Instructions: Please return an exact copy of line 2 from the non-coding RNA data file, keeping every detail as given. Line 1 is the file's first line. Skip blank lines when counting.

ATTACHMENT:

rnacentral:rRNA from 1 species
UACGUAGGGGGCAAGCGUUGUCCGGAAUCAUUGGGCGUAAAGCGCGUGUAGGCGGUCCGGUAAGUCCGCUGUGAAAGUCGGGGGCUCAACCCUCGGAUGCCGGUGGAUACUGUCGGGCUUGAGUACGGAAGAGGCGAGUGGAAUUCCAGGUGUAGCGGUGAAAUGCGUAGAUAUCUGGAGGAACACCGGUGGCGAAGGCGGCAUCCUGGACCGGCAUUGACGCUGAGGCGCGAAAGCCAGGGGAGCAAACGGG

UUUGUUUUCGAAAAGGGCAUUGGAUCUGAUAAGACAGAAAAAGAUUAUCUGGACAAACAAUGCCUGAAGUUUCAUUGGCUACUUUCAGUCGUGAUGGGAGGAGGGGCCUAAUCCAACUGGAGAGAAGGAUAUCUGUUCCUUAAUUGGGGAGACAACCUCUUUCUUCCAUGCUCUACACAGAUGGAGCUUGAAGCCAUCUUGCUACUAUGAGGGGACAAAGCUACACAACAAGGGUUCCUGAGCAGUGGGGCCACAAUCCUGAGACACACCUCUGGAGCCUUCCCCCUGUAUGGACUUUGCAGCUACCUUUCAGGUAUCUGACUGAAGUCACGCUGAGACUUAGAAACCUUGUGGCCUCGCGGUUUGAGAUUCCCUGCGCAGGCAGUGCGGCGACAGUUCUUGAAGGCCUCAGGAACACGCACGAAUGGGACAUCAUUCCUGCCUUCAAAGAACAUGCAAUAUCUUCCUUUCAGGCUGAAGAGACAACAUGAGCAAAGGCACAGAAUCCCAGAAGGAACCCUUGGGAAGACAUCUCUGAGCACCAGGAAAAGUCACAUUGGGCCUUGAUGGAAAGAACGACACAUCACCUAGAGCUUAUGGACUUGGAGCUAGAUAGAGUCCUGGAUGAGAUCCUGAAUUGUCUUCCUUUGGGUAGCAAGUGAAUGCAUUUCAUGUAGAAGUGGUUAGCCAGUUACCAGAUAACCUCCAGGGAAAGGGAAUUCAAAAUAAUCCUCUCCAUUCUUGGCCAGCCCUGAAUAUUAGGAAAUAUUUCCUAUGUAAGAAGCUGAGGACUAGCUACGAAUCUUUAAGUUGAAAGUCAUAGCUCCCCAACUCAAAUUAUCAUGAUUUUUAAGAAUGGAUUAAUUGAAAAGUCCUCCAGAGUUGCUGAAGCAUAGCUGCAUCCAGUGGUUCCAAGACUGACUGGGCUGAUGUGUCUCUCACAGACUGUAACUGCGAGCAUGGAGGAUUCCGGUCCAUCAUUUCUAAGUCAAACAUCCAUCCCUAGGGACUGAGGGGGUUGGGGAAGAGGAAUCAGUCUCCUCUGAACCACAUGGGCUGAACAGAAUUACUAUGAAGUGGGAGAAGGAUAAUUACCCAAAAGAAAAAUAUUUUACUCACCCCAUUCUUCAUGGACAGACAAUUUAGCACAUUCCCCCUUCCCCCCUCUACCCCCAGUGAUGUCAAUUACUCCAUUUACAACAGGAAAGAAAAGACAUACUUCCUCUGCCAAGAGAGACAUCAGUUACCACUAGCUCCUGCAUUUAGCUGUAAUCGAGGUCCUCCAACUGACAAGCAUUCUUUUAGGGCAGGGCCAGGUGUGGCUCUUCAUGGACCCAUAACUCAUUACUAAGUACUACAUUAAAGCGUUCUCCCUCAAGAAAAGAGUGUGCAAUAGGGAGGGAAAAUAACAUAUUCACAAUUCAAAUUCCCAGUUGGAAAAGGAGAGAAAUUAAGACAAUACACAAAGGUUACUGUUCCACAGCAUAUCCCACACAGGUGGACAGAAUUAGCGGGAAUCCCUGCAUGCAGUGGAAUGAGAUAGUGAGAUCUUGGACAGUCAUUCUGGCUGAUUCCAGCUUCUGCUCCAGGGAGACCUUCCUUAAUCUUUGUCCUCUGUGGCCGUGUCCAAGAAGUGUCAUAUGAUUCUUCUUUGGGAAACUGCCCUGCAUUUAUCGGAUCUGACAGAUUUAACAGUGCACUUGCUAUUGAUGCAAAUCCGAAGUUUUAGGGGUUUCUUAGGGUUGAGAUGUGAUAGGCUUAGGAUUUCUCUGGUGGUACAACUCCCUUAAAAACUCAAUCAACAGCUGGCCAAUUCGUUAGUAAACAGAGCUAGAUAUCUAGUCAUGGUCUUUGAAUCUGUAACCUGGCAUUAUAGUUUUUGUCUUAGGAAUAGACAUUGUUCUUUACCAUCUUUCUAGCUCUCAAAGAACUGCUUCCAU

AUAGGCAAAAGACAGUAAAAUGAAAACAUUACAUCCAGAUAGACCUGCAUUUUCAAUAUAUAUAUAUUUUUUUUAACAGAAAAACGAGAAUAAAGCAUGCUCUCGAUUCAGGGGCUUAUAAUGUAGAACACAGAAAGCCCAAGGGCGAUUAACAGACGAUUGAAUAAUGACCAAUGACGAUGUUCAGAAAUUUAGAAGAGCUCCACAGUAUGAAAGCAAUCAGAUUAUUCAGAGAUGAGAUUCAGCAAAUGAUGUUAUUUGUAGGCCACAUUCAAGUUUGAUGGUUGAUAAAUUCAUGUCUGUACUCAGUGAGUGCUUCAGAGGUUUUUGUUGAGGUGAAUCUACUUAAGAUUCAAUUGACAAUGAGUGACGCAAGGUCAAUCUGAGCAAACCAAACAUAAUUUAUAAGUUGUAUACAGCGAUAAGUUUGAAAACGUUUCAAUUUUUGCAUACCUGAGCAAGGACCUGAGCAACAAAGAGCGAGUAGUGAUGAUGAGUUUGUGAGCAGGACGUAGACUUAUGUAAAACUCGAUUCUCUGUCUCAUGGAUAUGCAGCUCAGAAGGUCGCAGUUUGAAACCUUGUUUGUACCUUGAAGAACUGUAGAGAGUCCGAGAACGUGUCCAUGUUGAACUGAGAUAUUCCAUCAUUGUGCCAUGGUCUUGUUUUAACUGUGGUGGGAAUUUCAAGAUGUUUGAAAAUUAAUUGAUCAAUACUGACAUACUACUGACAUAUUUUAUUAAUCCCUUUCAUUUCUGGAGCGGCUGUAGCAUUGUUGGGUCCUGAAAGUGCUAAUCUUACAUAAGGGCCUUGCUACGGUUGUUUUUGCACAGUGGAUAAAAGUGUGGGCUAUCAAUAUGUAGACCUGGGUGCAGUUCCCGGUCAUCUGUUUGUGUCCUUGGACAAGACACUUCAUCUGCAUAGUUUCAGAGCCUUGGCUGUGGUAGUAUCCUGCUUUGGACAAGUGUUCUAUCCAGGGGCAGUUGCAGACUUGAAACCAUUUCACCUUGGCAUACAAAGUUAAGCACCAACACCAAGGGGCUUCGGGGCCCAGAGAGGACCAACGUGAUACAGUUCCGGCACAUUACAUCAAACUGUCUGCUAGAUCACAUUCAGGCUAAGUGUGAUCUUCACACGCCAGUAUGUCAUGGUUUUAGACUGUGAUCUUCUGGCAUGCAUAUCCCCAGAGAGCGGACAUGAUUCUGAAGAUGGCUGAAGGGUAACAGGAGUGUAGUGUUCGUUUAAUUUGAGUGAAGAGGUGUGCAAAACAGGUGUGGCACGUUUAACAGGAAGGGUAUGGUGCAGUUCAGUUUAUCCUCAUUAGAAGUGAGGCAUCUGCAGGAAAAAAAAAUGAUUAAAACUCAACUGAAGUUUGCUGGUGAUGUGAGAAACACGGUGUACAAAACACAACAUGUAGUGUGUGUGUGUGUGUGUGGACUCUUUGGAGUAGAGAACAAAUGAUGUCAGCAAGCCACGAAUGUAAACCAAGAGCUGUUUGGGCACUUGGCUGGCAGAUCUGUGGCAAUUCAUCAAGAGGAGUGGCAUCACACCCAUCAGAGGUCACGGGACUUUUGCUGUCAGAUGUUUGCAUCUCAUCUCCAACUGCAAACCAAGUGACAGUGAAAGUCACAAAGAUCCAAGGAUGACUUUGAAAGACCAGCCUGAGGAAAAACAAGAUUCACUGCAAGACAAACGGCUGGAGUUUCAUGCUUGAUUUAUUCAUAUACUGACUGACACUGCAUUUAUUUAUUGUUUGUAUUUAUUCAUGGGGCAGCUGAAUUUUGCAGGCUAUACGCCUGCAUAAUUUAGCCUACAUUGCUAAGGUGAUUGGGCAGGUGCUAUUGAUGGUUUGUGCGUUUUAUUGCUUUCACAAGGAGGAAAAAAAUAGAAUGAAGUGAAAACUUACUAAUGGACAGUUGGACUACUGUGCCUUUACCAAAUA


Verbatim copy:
UACGUAGGGGGCAAGCGUUGUCCGGAAUCAUUGGGCGUAAAGCGCGUGUAGGCGGUCCGGUAAGUCCGCUGUGAAAGUCGGGGGCUCAACCCUCGGAUGCCGGUGGAUACUGUCGGGCUUGAGUACGGAAGAGGCGAGUGGAAUUCCAGGUGUAGCGGUGAAAUGCGUAGAUAUCUGGAGGAACACCGGUGGCGAAGGCGGCAUCCUGGACCGGCAUUGACGCUGAGGCGCGAAAGCCAGGGGAGCAAACGGG